A Republican lawmaker from southeastern Minnesota said he plans to introduce a bill next month to relieve pressure on farmers who he says are being overwhelmed by tax increases.
Rep. Steve Drazkowski of Mazeppa, the incoming chairman of the House Property Tax and Local Government Finance Division, said his proposal would exclude farmland from being taxed for capital bond referendums. Instead, taxes would be limited to a farmer's homestead, which includes the house, outbuildings and 1 acre of land, the Post-Bulletin reported.
Drazkowski said it's getting difficult for some farmers to operate.
"If you run 1,000 acres or 800 acres of land, you are paying property tax on every one of those acres for those construction levies," Drazkowski said. "This is to provide some relief for them so they can continue to operate."
Farmers' property taxes are soaring at a time when corn prices have dropped. Both the Minnesota Farm Bureau and the Minnesota Farmers Union support Drazkowski's proposal.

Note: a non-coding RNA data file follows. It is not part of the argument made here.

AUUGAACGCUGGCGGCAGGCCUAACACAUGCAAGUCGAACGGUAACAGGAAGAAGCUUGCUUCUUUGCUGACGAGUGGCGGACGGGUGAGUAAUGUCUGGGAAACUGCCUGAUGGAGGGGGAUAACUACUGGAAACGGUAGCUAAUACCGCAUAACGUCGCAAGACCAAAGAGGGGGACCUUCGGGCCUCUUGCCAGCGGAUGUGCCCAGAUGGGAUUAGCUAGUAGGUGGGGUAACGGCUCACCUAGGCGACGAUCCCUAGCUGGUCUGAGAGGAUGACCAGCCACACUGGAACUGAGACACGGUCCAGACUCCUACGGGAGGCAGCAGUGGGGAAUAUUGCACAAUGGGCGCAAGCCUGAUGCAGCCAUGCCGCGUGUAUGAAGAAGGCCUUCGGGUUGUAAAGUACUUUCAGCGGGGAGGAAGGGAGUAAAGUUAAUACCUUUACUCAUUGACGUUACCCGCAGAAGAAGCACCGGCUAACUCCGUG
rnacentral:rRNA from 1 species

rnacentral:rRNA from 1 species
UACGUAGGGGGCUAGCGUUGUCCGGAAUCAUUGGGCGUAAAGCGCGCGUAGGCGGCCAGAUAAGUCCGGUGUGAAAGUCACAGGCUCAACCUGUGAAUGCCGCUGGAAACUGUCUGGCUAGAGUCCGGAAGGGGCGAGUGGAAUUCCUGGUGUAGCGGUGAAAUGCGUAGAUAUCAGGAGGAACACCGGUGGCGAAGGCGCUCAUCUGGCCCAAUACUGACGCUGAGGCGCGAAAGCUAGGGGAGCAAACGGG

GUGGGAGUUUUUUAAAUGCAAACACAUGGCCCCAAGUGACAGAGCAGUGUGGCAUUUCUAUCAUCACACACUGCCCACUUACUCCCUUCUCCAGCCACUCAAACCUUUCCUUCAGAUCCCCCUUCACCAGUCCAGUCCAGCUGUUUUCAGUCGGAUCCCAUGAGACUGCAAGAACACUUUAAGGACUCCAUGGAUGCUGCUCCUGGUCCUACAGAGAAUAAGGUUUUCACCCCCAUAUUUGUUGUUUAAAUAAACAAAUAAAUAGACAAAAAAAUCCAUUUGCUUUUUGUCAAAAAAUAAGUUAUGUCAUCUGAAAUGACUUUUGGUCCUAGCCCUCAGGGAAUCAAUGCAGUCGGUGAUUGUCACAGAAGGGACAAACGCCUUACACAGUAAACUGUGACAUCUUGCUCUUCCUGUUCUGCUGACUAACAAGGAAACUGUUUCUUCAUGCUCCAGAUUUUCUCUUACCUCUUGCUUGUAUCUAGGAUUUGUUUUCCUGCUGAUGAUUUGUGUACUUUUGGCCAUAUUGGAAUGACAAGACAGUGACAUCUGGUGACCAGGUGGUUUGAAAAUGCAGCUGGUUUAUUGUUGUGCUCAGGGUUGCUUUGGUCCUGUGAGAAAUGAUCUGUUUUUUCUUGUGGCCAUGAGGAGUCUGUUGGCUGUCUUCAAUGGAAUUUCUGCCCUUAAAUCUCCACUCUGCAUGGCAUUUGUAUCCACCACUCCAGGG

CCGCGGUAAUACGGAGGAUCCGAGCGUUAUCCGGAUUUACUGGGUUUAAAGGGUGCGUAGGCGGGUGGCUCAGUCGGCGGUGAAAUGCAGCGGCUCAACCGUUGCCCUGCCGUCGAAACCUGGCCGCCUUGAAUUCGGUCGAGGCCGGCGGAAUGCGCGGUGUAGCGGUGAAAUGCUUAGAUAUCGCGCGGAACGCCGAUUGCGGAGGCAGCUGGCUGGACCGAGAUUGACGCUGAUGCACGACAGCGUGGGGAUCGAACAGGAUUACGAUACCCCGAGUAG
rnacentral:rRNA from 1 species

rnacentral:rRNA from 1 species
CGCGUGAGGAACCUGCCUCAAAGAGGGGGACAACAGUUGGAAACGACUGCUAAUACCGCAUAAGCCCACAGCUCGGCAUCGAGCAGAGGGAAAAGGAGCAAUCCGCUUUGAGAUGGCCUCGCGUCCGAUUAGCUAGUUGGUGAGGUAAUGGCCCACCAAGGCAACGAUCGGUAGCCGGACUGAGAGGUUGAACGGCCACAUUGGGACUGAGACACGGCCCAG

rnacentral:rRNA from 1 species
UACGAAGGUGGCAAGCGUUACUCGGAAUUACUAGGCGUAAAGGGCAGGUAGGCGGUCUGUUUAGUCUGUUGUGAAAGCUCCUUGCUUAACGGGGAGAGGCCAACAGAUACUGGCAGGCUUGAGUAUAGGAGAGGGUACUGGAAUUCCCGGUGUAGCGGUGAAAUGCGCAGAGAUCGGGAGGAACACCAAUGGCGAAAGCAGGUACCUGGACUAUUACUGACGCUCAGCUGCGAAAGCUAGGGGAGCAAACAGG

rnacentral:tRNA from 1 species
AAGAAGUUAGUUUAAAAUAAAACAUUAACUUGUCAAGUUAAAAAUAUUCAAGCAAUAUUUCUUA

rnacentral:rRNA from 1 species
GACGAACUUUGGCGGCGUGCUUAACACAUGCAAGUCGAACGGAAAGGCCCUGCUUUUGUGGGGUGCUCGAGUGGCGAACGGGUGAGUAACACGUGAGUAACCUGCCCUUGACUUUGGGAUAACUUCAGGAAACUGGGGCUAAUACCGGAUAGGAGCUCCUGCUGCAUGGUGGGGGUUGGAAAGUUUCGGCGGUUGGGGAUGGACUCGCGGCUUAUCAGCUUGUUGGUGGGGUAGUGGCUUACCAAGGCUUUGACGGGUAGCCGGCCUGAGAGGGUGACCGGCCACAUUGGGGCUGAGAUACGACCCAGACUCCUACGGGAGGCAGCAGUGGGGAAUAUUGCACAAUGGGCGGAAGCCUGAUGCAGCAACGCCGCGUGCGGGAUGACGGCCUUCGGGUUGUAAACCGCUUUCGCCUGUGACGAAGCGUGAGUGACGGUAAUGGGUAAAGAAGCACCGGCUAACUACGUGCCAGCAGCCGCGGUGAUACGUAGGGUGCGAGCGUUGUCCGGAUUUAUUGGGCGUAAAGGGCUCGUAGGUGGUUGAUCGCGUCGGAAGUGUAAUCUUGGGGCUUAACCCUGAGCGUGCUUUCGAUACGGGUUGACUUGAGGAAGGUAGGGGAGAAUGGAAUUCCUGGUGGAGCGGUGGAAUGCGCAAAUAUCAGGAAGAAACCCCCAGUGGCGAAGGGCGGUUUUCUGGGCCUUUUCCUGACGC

Rod Sommerfield, who farms 500 acres near Mazeppa, is among farmers who have called Drazkowski looking for relief. Sommerfield got a surprise when he recently opened his property tax statement and saw the taxes he pays on his farm are projected to jump by 17 percent next year.
"I can't repeat what I thought. It's not printable, let's put it that way," Sommerfield said. He said he supports Drazkowski's efforts to rein in tax hikes on farmers.
But it's an issue that can quickly get complicated, warned Kirk Schneidawind, executive director of the Minnesota School Boards Association. He said his organization does not have a position on Drazkowski's proposed bill but is concerned about how the tax burden would affect other property taxpayers.
"Whenever you start changing tax policy, there are many unintended consequences. This would certainly spread the tax burden on those households in the district," he said.
Outgoing House Education Finance Chairman Paul Marquardt, DFL-Dilworth, said he agrees something needs to be done to help address the high tax bills farmers are faced with, but lawmakers need to be careful.
"It depends on how you are doing it. If you just take the tax off of the ag land, then you are just shifting it on to non-ag land and in some of these districts when you have 90 percent or more ag land, that's a huge, huge shift," Marquardt said.